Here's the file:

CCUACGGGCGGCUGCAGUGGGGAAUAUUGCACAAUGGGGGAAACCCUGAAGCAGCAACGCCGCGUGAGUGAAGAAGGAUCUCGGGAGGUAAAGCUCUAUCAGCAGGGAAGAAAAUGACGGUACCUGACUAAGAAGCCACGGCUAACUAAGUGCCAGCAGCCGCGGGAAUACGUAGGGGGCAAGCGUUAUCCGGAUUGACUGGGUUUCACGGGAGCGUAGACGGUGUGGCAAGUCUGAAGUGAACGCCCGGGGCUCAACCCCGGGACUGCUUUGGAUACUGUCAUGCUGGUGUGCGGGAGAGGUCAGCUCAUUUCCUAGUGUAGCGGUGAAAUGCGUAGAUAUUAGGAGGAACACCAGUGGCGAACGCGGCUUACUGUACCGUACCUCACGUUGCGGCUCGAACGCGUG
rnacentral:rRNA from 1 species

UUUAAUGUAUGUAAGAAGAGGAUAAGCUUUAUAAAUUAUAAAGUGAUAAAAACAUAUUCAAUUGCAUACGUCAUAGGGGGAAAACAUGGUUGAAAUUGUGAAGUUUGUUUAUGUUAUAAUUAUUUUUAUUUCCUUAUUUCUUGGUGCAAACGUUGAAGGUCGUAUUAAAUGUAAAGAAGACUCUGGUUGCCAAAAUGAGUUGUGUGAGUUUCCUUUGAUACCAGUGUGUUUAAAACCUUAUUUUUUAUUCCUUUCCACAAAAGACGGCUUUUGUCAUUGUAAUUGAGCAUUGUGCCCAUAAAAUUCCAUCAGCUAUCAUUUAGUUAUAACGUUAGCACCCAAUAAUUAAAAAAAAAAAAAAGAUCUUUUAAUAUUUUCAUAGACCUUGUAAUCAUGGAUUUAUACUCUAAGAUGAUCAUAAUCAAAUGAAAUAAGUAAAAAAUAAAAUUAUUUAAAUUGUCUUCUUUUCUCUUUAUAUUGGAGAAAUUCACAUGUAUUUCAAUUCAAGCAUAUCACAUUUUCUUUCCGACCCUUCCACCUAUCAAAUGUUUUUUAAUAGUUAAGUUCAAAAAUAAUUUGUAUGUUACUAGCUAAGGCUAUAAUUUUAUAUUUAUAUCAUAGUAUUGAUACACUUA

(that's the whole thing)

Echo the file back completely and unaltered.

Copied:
CCUACGGGCGGCUGCAGUGGGGAAUAUUGCACAAUGGGGGAAACCCUGAAGCAGCAACGCCGCGUGAGUGAAGAAGGAUCUCGGGAGGUAAAGCUCUAUCAGCAGGGAAGAAAAUGACGGUACCUGACUAAGAAGCCACGGCUAACUAAGUGCCAGCAGCCGCGGGAAUACGUAGGGGGCAAGCGUUAUCCGGAUUGACUGGGUUUCACGGGAGCGUAGACGGUGUGGCAAGUCUGAAGUGAACGCCCGGGGCUCAACCCCGGGACUGCUUUGGAUACUGUCAUGCUGGUGUGCGGGAGAGGUCAGCUCAUUUCCUAGUGUAGCGGUGAAAUGCGUAGAUAUUAGGAGGAACACCAGUGGCGAACGCGGCUUACUGUACCGUACCUCACGUUGCGGCUCGAACGCGUG
rnacentral:rRNA from 1 species

UUUAAUGUAUGUAAGAAGAGGAUAAGCUUUAUAAAUUAUAAAGUGAUAAAAACAUAUUCAAUUGCAUACGUCAUAGGGGGAAAACAUGGUUGAAAUUGUGAAGUUUGUUUAUGUUAUAAUUAUUUUUAUUUCCUUAUUUCUUGGUGCAAACGUUGAAGGUCGUAUUAAAUGUAAAGAAGACUCUGGUUGCCAAAAUGAGUUGUGUGAGUUUCCUUUGAUACCAGUGUGUUUAAAACCUUAUUUUUUAUUCCUUUCCACAAAAGACGGCUUUUGUCAUUGUAAUUGAGCAUUGUGCCCAUAAAAUUCCAUCAGCUAUCAUUUAGUUAUAACGUUAGCACCCAAUAAUUAAAAAAAAAAAAAAGAUCUUUUAAUAUUUUCAUAGACCUUGUAAUCAUGGAUUUAUACUCUAAGAUGAUCAUAAUCAAAUGAAAUAAGUAAAAAAUAAAAUUAUUUAAAUUGUCUUCUUUUCUCUUUAUAUUGGAGAAAUUCACAUGUAUUUCAAUUCAAGCAUAUCACAUUUUCUUUCCGACCCUUCCACCUAUCAAAUGUUUUUUAAUAGUUAAGUUCAAAAAUAAUUUGUAUGUUACUAGCUAAGGCUAUAAUUUUAUAUUUAUAUCAUAGUAUUGAUACACUUA